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Metro should fund Trolley Bridge restoration

Over 100 years ago electric trolleys began serving Milwaukie, Gladstone, and Oregon City.

Times changed, and in 1958 the Interurban rail line ceased operations. Over 10 years ago Thelma Haggenmiller and her neighbors began working on a plan to convert the rail line right of way into a multi-purpose path. They formed a group known as “Friends of the Trolley Trail,” and by the end of 2005 the property had become part of the North Clackamas Parks and Recreation District. Once again local volunteers had made a big difference in their communities.

Last year construction was completed on the segment from Park Avenue south to Glen Echo Street in Gladstone. The Trolley Trail Park officially ends at Glen Echo, but the trail continues south along Abernathy Street to Portland Avenue on the same route the streetcars once travelled. The tracks ran down the middle of Portland Avenue before crossing the Clackamas River on the way to Oregon City.

The historic rail bridge still stands at the end of Portland Avenue, Gladstone’s original main street, waiting to be saved or eventually torn down. Built to handle streetcars, it’s still structurally sound, and is capable of handling pedestrians and bicyclists for at least another 100 years.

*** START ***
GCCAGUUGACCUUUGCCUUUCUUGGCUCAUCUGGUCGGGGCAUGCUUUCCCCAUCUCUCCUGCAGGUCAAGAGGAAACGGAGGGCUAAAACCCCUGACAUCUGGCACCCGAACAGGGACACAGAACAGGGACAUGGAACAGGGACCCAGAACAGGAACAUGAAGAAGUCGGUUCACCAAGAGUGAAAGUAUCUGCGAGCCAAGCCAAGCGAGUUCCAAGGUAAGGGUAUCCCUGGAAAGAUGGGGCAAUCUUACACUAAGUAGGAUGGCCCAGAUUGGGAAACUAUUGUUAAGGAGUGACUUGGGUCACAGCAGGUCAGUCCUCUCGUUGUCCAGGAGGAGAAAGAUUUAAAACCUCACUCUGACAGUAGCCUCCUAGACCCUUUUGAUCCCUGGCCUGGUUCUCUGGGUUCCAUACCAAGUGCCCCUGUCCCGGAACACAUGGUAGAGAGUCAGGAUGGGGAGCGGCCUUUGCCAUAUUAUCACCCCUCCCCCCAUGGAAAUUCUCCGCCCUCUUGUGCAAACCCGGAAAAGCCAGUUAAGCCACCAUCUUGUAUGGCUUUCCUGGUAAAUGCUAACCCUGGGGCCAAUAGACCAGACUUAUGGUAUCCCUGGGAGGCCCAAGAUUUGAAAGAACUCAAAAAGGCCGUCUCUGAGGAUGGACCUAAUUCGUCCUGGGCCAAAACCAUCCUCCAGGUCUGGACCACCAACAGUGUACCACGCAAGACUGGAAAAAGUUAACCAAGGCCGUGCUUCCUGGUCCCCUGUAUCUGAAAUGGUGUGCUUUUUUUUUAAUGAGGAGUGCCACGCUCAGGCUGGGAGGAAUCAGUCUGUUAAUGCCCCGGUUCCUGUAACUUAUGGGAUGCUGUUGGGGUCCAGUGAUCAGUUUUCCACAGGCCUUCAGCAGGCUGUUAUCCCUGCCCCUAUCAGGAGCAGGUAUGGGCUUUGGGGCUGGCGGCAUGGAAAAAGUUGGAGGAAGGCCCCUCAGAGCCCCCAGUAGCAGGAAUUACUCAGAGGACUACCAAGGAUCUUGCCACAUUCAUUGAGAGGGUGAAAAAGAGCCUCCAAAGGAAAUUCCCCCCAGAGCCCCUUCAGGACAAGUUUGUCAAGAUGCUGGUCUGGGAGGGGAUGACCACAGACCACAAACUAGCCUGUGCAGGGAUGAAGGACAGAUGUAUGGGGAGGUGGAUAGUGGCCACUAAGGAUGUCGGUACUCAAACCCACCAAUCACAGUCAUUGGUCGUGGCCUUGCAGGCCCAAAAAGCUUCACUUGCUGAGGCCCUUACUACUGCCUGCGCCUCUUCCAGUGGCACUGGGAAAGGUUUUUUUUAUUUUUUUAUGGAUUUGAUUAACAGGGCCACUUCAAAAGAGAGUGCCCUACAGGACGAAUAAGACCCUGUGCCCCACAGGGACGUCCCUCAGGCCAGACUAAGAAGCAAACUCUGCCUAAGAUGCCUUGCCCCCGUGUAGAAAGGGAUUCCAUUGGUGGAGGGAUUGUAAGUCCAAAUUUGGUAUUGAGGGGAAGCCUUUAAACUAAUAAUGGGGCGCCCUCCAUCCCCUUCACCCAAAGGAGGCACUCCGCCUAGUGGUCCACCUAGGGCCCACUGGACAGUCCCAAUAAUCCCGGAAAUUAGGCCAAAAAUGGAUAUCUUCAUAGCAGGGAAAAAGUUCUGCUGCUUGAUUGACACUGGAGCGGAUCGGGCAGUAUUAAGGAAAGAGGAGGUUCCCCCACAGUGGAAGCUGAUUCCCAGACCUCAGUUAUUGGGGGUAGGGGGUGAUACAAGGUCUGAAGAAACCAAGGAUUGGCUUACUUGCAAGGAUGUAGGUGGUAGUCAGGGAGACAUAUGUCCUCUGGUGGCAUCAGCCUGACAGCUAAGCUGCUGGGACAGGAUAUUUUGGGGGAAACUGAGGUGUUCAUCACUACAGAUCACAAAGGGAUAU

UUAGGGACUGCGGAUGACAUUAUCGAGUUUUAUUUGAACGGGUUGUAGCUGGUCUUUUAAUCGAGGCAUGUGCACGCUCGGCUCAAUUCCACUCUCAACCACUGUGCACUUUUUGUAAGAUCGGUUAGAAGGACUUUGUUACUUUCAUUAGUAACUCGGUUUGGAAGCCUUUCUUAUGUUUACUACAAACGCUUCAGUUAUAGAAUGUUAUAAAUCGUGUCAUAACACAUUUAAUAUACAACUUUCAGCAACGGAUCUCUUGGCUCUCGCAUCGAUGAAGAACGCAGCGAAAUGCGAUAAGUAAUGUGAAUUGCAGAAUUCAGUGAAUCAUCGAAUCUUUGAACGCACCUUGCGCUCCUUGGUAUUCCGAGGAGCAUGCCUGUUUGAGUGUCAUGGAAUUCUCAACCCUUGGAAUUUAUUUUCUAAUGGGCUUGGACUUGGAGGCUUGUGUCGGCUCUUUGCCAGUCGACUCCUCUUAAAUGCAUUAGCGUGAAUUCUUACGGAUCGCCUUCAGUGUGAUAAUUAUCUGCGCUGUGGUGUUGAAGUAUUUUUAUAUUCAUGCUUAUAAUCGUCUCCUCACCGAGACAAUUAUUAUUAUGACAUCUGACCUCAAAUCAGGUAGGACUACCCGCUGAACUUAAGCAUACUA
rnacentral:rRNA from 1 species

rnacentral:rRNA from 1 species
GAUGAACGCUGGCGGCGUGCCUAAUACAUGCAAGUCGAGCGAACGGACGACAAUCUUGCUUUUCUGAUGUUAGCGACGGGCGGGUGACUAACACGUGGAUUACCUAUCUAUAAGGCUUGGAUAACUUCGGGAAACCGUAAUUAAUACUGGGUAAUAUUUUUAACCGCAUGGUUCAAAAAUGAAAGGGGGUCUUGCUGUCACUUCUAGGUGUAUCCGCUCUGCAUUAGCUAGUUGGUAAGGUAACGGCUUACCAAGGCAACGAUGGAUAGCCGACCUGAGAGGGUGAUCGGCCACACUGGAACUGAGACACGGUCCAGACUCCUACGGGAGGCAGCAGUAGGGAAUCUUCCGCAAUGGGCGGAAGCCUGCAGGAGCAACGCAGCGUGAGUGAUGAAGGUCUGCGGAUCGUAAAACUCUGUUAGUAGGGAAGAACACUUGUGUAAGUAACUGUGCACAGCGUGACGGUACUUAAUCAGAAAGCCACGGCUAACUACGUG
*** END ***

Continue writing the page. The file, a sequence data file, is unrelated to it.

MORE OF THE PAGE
Currently the old highway bridge near High Rocks has already been saved and converted into a trail crossing adjacent to Cross Park in Gladstone. On the Oregon City side, a concrete path follows the river south before intersecting with the Cove Trail, a mile long path owned by the Oregon City Parks District.

The historic Trolley Bridge is located a stone’s throw away from where the two paths meet. Restoring the bridge would provide a link between two cities that will benefit both. When the former industrial property near the Cove is redeveloped, the Trolley Bridge will serve the area well. It would complete a recreational loop that includes both bridges, and would restore views of the river environment, hidden since 1958.

The fate of the bridge may soon be determined. It’s possible that a grant from Metro will be awarded next month to study and plan for saving the bridge.

The concept has been well received, but the grant process is very competitive... there are no guarantees.

I encourage interested citizens to contact their local city councilors and Metro officials to show support for the project. On Aug. 1 at 6:15 p.m., there will be a short open house followed by an opportunity for public testimony. Three minutes are allowed for anyone who wishes to speak, and written testimony will also be accepted. The meeting will be at the Clackamas County Development Services Building, 150 S. Beavercreek Road. in Oregon City.

Let’s make the historic Trolley Bridge a link to the future.

Les Poole has been a resident of Oak Grove/Gladstone area for decades.




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